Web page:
Wednesday, March 11, 2009

Web Workflows - An Automated Approach to Web Browsing

The web needs an easy to read language for defining web tasks.

I propose XML based Web Workflows:
<input name="q">Straw Berry<input>
<click name="btnG"></click>

Execution of this web workflow would result in a document with the search results attached.

I have a working open source implementation of this in PHP via Chisimba.

This module interprets XML based Web Workflows to programtaically browse
the web to return a particular URI endpoint. The language includes syntax like

<input name="q">Straw Berry<input>
<click name="btnG"></click>

The latter represents an easy to understand, high level, procedural language for
automated web document retrieval.

This module will also allow you to specify login credentials to automate loging into sites in order to access protected resources. This module will be used by the librarysearch module to assist with document retrieval on clusters of hosts.

This implementation is completely portable and because it accepts the web workflow as input to produce the document could run as a standalone app like curl or maybe even as a curl extension.

This would contribute hugely to federated search efforts where an API isn't available for a certain host.

Screen scrapping tasks have mostly been executed as a very unordered and messy combination of curl/lynx -d/wget requests. This process needs to be formalized by the web community like w3c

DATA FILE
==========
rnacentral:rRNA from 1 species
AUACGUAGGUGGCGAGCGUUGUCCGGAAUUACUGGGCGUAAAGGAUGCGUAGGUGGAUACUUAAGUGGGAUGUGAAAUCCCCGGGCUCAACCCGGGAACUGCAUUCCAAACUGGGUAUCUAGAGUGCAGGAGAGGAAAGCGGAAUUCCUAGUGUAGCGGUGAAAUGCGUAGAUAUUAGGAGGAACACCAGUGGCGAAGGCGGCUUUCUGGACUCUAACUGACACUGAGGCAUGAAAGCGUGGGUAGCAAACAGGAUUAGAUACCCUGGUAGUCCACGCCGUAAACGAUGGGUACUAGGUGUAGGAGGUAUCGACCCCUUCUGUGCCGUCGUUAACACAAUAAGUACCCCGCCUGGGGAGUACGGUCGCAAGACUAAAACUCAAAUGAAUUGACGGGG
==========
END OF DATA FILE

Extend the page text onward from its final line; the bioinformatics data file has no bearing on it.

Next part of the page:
The java guys already have this available to them see here but it's too proprietary in the sense that you can only get this up and running by creating the engine from within the java code.

Webstats watchers and web ad agencies aren't going to like the adoption of a formal method for robots to surf their sites to effectively carry content to users. Perhaps this will create an opportunity for other revenue models to surface.

Comments anyone?


  1. Well one thing that publishers are constantly worried about is rights management. They want people who develop connections to respect their access speed and not overload their connections or their databases. Federated search providers don't really rely on curl or wget requests to access content anyway. You will find that you will be pushing rope to get publishers to adapt this standard approach - they just won't do it.

    Brian Despain

  2. Hi Brian. My apologies for the extremely late reply to this.

    To add, my target was more towards developers and software testers alike, now exists.

    I agree that anything that automates should do so respectfully like adhere to robots.txt files.

    I also see a definite blocker for anyone who streams revenue off clicks for automated web for everything else but testing and development purposes. Still I am in favor of automated tasks over ad clicking anytime.